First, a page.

We examined two characteristics of pepper development: A) the lateral growth of the plants, which was monitored from three weeks after the plants were transplanted through January 5, 2010; and B) the numbers of internodes and fruit. No differences in these characteristics were observed between the treatments. We also monitored changes in the salinity of the soil solution at four depths and two locations relative to the dripper: next to the dripper and 10 cm away from it along the length of the branch. In the treatment in which 0.2 mm of water were applied when the tensiometer reading was received, the electrical conductivity of the soil solution increased beginning in mid-November, when the amount of daily irrigation began to be gradually decreased. In the treatment in which1 mm of water was applied, the electrical conductivity of the soil remained stable throughout the growing season. This treatment also had the highest yield, 6.57 tons/dunam. In the treatment in which an irrigation quantity of 4 mm was applied, there was an increase in the electrical conductivity of the soil solution from the beginning of January, parallel to the move to irrigating once every two days and a decrease in the daily irrigation level to 2 mm. This treatment had the lowest yield, 5.74 tons/dunam. The high level of salinity in the root zone during the winter explains why the fruits in this treatment were particularly small. In the treatment in which the irrigation was turned on according to the readings of a shallow tensiometer and turned off based on the readings of a deep tensiometer, large irrigation amounts of 4-5 mm per day were applied throughout most of the period. In late January and early February, the daily irrigation amount was decreased to 3 mm and there was a parallel, moderate increase in the salinity of the soil solution. In the treatment in which irrigation was turned on and off based on the readings of a shallow tensiometer, the amount of water applied daily decreased to 1.8 mm that were applied each time the system was turned on, from mid-January through the beginning of March. During this period, there was an initial moderate increase in the electrical conductivity of the soil solution and, over time, there was an increase in the rate at which the electrical conductivity values were increasing. As the weather became warmer and we began to irrigate twice a day (for a total amount of 4 mm or more), the electrical conductivity decreased sharply.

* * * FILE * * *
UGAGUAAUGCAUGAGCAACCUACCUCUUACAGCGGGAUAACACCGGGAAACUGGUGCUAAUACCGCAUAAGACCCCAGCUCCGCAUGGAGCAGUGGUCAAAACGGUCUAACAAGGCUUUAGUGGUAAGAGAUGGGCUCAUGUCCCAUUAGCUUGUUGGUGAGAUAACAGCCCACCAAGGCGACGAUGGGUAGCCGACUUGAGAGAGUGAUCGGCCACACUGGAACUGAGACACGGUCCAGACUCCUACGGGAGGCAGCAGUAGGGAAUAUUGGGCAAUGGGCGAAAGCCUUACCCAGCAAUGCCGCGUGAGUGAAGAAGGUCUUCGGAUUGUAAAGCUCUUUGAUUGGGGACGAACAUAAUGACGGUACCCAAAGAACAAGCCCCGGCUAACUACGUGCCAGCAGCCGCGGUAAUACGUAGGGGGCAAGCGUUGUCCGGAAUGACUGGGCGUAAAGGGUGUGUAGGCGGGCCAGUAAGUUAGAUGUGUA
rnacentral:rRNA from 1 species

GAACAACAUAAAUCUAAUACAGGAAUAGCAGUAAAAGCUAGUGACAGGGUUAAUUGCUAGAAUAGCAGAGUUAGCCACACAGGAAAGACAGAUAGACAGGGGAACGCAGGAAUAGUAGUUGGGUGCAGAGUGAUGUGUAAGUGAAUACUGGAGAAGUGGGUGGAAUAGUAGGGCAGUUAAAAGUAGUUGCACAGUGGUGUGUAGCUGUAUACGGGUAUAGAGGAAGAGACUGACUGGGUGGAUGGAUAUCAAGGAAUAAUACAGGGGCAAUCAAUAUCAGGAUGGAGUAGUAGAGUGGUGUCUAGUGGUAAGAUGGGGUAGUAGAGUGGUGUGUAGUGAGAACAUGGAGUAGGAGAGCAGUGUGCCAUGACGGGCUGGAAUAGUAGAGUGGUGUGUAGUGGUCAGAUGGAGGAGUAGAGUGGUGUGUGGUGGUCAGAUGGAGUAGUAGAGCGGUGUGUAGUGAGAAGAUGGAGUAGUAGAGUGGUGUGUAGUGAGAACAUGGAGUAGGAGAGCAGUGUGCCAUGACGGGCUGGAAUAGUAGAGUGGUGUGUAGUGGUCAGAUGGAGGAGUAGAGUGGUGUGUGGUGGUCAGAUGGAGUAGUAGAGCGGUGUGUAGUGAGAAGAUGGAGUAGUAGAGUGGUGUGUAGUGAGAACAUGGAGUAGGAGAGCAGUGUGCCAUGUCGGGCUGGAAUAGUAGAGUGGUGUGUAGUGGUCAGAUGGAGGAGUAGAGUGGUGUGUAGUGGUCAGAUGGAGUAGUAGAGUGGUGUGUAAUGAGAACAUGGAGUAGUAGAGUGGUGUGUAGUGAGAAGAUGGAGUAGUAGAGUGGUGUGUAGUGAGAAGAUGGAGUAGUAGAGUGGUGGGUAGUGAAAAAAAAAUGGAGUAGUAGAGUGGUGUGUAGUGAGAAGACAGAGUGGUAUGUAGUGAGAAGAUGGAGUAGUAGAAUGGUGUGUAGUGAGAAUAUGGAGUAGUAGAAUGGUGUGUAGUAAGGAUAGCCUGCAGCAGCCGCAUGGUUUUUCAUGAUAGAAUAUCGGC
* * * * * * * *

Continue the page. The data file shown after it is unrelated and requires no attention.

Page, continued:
These results demonstrate the need to apply irrigation volumes that exceed consumption, even during the winter, in order to maintain a relatively low and stable level of salinity in the root zone. These processes occur in all crops irrigated with saline water.
We would like to thank the Scientist’s Fund of the Ministry of Agriculture and Rural Development for funding Research Program no. 08-1498-870.
מלות מפתח greenhouse vegetable production, pepper, water conservation
מחבר Shlomo Kramer, Elisha Kenig, Alon Ben Gal, Rivka Offenbach, Ami Maduel, Moran Kapun
תאריך יצירה 29/9/2011
תאריך עדכון 14/3/2012